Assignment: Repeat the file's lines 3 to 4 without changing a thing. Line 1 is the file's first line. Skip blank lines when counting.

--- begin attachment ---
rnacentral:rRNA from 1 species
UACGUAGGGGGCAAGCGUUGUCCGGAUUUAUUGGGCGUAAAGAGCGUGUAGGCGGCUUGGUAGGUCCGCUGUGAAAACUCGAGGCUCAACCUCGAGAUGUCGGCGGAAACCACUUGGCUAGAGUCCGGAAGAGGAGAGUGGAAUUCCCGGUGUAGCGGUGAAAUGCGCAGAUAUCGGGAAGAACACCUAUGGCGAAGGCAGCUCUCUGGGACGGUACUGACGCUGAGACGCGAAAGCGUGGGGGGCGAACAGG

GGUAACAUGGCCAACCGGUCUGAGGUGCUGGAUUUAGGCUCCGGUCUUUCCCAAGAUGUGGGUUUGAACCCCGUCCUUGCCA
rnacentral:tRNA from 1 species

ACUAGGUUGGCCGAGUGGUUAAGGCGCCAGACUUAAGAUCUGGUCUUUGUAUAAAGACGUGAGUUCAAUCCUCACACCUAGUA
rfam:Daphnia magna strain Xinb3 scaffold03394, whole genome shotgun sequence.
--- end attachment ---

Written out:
GGUAACAUGGCCAACCGGUCUGAGGUGCUGGAUUUAGGCUCCGGUCUUUCCCAAGAUGUGGGUUUGAACCCCGUCCUUGCCA
rnacentral:tRNA from 1 species